The City of Jackson’s Office of Economic Development is the chief organ that facilitates business development. Its mandate is “to maximize the city’s potential as a thriving center for businesses, jobs, robust neighborhoods and economic opportunity for everyone in the Capital City…. supports business and the development community within city government and between city agencies. It also partners with other organizations to further economic development.”
The terms of reference should be expanded and specifically states that it “promotes worker cooperatives, consumer cooperatives and other social economy enterprises as instruments to create economic security, jobs, livable wages, economic development and economic democracy.”
Furthermore, the Office of Economic Development should be empowered to vigorously, strategically and relentlessly create the enabling condition for the development of worker cooperatives and other social enterprises in Jackson. A part of its worker or labor self-management agenda should include transforming the city of Jackson into a catalyst for this approach to workplace democracy, workers’ control of the means of production and the producers of wealth being the ones who determine how the economic surplus or profit shall be distributed.
This new role for the Office of Economic Development will be startling to some and is likely to generate opposition. But Mayor Lumumba ought to borrow a play from the playbook of conservative governments; move with lightning speed in implementing his administration’s policies in the first two years and keep the opposition dizzy, disoriented and playing catch up.
Lumumba has a mandate to include labor self-management by way of worker cooperatives. The economic development plank in the mayor’s election platform stated that he is committed to “build[ing] co-ops and green industry” and ensuring “that Jacksonians are well-represented with jobs and business ownership.” Labour self-management, cooperatives of all types and social enterprises are the tools needed to give form to his electoral commitment. Colorlines’ writer Jamilah King also interprets Lumumba’s platform in a similar fashion:
Larry Hales correctly asserts “In his campaign literature and in news media interviews, Mayor Lumumba stressed that his economic program will incorporate principles of the “solidarity economy.” Solidarity economy is a[n] umbrella term used to describe a wide variety of alternative economic activities, including worker-owned cooperatives, cooperative banks, peer lending, community land trusts, participatory budgeting and fair trade.”
Larry Hales correctly asserts that “Lumumba’s political history did not scare away voters, nor did the bold and progressive Jackson Plan, which is reminiscent of the Republic of New Afrika’s program of the 1960s, calling for the establishment of an independent Black-led government in five former confederate states.” The City of Jackson should move ahead and start implementing the solidarity economy mandate. Mayor Lumumba should immediately hire a team of solidarity economy and labor self-management personnel, whose principal role would be to bring about the condition for the economic democracy take-off.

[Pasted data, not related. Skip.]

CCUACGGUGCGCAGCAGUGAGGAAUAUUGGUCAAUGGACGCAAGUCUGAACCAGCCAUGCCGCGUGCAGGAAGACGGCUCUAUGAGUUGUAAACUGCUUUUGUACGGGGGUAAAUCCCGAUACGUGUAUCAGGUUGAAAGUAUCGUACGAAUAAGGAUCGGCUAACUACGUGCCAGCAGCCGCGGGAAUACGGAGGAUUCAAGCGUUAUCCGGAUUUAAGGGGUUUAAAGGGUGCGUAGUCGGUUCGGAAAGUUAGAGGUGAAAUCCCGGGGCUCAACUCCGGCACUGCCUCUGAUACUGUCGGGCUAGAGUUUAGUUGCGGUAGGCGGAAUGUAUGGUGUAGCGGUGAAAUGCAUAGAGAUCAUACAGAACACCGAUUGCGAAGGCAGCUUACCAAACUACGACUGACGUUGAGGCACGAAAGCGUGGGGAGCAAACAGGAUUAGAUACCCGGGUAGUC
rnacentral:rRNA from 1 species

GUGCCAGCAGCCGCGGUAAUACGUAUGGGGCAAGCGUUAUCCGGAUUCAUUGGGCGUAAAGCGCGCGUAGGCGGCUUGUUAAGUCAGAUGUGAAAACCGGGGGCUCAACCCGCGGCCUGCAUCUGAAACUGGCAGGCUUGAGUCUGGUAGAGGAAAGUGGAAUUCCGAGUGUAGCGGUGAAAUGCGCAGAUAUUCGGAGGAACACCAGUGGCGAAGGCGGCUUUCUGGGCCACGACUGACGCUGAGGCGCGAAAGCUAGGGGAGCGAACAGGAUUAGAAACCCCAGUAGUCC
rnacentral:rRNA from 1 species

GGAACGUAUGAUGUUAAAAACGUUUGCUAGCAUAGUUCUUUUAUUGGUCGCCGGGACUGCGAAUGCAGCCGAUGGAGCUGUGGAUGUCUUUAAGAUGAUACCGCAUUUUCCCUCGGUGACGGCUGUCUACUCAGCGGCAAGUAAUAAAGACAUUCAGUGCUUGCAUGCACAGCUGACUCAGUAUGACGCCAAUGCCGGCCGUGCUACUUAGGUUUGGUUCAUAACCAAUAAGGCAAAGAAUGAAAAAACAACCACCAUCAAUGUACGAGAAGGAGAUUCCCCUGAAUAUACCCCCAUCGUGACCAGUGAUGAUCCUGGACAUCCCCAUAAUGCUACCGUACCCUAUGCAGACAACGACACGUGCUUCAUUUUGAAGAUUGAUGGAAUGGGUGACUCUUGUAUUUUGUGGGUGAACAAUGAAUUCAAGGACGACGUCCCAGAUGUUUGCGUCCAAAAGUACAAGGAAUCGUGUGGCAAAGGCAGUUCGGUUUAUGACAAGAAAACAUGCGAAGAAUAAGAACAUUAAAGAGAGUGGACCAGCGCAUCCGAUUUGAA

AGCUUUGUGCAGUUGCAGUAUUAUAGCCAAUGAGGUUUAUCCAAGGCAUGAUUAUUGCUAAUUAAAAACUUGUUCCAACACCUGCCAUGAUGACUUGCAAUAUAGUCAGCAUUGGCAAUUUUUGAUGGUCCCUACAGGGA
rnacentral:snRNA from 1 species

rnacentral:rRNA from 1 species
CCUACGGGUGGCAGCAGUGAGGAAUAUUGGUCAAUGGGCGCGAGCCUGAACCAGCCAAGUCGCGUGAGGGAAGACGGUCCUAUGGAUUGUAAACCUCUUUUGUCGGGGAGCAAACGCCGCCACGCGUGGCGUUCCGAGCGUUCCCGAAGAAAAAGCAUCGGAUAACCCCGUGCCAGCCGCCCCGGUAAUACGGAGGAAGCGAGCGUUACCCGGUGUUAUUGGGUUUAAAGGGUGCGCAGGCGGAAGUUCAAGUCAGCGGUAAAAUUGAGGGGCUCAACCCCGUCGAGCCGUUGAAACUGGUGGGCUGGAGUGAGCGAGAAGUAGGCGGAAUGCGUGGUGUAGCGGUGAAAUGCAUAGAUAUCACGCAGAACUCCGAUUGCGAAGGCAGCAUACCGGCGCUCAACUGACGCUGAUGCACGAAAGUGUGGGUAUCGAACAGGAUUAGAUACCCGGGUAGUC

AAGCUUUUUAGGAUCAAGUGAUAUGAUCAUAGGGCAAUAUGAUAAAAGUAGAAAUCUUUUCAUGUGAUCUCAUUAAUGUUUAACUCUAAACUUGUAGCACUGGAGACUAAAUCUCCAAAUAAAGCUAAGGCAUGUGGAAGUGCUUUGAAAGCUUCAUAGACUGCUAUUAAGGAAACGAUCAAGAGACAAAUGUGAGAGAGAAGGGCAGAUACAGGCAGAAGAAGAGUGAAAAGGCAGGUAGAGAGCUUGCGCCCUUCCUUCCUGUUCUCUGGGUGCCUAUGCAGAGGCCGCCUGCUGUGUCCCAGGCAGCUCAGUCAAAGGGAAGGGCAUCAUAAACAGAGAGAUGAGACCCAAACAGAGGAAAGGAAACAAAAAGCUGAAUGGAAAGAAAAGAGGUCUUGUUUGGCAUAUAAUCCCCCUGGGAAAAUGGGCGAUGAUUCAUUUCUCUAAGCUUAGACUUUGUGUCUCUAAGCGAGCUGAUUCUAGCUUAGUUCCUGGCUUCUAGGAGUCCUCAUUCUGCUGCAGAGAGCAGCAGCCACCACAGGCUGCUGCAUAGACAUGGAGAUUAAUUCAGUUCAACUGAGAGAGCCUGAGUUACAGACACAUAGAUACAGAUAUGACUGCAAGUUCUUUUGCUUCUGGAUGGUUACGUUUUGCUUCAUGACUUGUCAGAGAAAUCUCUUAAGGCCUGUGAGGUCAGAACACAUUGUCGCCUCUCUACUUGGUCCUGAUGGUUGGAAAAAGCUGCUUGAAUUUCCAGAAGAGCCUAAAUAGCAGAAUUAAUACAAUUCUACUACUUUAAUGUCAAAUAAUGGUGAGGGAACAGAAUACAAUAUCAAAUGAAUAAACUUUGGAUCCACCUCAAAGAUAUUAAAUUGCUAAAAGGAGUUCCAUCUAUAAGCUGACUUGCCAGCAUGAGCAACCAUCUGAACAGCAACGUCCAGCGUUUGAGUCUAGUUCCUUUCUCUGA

They would be embedded in the Office of Economic Development and at least one of the positions should be a senior leadership/management one. The latter is needed to communicate Lumumba’s seriousness about the social economy thrust of his administration and to give the necessary clout to the economic democracy team to get the work done. Lumumba, the Malcolm X Grassroots Movement and the Jackson People’s Assembly will have to get out into the community and in all available spaces to educate the people about labor self-management and the solidarity economy.
Education and conscientization for worker self-management
The people have been long exposed to the capitalist approach to economic development and it is quite fair to assert that the ideas of capitalism are dominant on the question of economic efficacy. The people might have critique of capitalism but it is generally seen as the only game in town, especially with the demise of the former Soviet Union and with it bureaucratic, authoritarian state socialism. In this context Marley’s exhortation to the people to “Emancipate yourself from mental slavery / None but ourselves can free our minds” is very instructive.
The preceding verses from Marley’s “Redemption Song” implicitly call on us to engage in critical education about oppression and emancipation. As worker self-management practitioners and/or advocates our educational programmes would also provide the necessary knowledge, skills and attitude to operate worker cooperatives, other social enterprises and the enabling labor self-management structures. Therefore, the educational initiatives would be directed at facilitating worker self-management and the social economy and political/ideological consciousness-raising.
In carrying out this educational programme, the method of teaching and learning should mimic the democratic economic development method that we are pursuing. We are not seeking to reinscribe authoritarian, leadership-from-above ways of teaching and learning. I believe ancestor Ella Baker, advocate of participatory democracy and an organizer within the Afrikan Liberation Movement in the United States, was onto something when she declared, “Give people light and they will find a way.”